I spent one of the last summery days of Brooklyn doing a studio visit in Bushwick. Walking down an outside pathway next to an overgrown garden that smelled of the end of the season, I came upon the studio of Tamara Gonzales. Entering her space was almost like walking into one of her paintings. The studio was filled with large works saturated with vibrant colors and patterns and the floor was covered with a collection of fabrics embellished with the same patterns. The whole place oozed with Tamaras' unique sensibilities. I quickly began to put together the pieces, imagining her spraying paint through the fabric to arrive at her kaleidoscopic works. We talked about her studio's setup as she toured me through the space, showing me work from previous years to help illustrate the buildup to her most current body. As she pulled various delectable paintings from the racks, I felt a rush to begin my drawing process. True to my suspicion, these elaborate canvases have been hands-down the hardest to draw yet. Staring at them made me feel pleasantly delirious, totally getting the full impact the paintings can have on the viewer.
Tamara collects the lace, which she uses as a stencil, from various thrift stores and dollar stores. We discussed the effect that the woven pieces that are made by hand have on her. She talked about how they hold the vibrations of a human's touch and how she liked to think about their makers and the making process. Tamara's paintings, with their heavy saturation of hues and jutting bars of light, are reminiscent of the phantasmagoric qualities of a festival. On one piece of canvas she is able to capture the energy and vivacity of any given number of religious or cultural celebrations, be it a parade or spiritual ceremony. Tamara told me about her multiple trips to Mexico in the 90's during the Day of the Dead and, later, her time spent in India at the Sanskriti Kendra artist residency in 2002. It is obvious how heavily her travels have impacted her work. Her description, particularly of the churches in Mexico, with their elaborate colonial architecture mimicking the Baroque Cathedrals of Spain and altars filled with collections of contemporary objects and grotesque renditions of the Crucifixion, was so vividly narrated I could almost close my eyes and see it. You could see this just as easily in the work.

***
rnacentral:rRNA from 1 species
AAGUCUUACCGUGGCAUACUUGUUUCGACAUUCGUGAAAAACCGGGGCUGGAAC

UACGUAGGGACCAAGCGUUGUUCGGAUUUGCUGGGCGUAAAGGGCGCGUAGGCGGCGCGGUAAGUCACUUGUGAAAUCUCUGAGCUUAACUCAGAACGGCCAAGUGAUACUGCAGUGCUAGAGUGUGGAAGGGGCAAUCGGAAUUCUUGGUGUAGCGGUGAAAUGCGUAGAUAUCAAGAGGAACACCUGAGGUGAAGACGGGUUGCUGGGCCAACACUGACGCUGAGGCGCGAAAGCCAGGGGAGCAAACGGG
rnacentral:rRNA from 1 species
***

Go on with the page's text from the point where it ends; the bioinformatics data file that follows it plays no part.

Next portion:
Tamara had hung a photocopy of an Egyptian figure next to the sculpture above. She explained to me that she had been holding onto this image for a long time, later discovering its relationship to the piece she is currently working on. I love how the studio can hold the artist's secrets. Tamara's three dimensional works have the same celebratory and mystical quality as her paintings, as well as the many installation pieces she has also done. She showed me how at one point she was putting various objects right on her canvas. I thought of it as a way of humanizing these abstract works, like giving a gift to the painting, or making the painting an altar within itself.
There wasn't a single section of Tamara's space that wasn't filled with some sort of curiosity adding to the spectacle that makes up her killer collection of odds and ends. Her space is a real visual playground.
What an enlightening time I had in Tamara's studio, listening to her stories about her travels and multiple experiences at different residencies, watching her work on her paintings and sort through things. When I had decided to draw the large figure she was currently working on, she let me pick which head to put on it. It was so cool to have this choice -- an extraordinarily macabre way to help dress the figure for its portrait. Please explore her website, there is so much more to discover. http://home.bway.net/durga/
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